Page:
Narasin’s ideas are echoed by a reconsideration of the rating system in the last few years. Brian Spielberg’s 2017 Variety article outlines growing controversy over how audiences are measured, how they should be measured, and the purpose these metrics serve.

Late-night comedy has become a category of growing popularity on Youtube, with skits and games frequenting the trending categories. This Youtube prominence is an aspect of the shows’ reach not accounted for in current ratings.

SMU Junior Kate Pitney noted that an element of Saturday Night Live’s continued relevance has been their ability to engage with social media.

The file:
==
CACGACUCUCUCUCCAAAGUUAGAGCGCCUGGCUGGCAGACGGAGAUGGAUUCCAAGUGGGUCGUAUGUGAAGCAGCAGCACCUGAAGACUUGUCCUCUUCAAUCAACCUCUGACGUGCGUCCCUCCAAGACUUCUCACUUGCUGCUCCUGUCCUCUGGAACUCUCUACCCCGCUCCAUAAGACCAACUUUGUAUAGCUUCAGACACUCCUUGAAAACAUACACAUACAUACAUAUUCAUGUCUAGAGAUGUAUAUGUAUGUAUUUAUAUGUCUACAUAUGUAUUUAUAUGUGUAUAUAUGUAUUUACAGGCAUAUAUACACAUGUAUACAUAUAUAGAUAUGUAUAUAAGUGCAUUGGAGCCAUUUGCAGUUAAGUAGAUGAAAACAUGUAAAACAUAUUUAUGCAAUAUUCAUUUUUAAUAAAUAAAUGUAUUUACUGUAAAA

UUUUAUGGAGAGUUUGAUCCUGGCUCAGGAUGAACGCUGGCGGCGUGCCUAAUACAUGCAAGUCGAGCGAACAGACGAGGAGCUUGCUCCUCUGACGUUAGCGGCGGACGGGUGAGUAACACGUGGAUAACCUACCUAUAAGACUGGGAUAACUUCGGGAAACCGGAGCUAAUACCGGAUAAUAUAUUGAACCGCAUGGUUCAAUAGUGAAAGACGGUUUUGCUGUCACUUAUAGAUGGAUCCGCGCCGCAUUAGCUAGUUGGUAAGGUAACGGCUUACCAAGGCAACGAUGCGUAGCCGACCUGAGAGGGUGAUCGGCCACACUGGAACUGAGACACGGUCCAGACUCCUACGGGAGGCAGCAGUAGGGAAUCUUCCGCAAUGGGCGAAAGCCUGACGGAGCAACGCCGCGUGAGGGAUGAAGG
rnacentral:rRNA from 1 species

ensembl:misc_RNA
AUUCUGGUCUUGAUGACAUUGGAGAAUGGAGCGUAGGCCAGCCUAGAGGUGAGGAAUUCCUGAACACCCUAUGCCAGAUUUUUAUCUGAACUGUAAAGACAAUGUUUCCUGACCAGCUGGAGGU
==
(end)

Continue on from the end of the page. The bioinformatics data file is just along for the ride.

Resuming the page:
“I think SNL is endlessly successful at bringing in actors who are current and funny and doing something creative with them,” Pitney said. “The Pete Davidson and Timothée Chalamet skit on SNL where they’re rapping is something that’s become almost iconic and has been used across so many other platforms already at this point that I don’t see it dying out anytime soon.”

Other shows, including The Late Late Show with James Corden, have relied on more lighthearted and entertaining content to attract younger viewers. Corden’s recurring segments, “Carpool Karaoke” as well as “Spill your guts or fill your guts” have become incredibly popular and consistently gone viral on YouTube after his live shows. Carpool Karaoke, in particular, which Corden has now filmed with 58 guests from BTS to Adele to Paul McCartney, has repeatedly found itself among the most popular content on the show’s Youtube channel.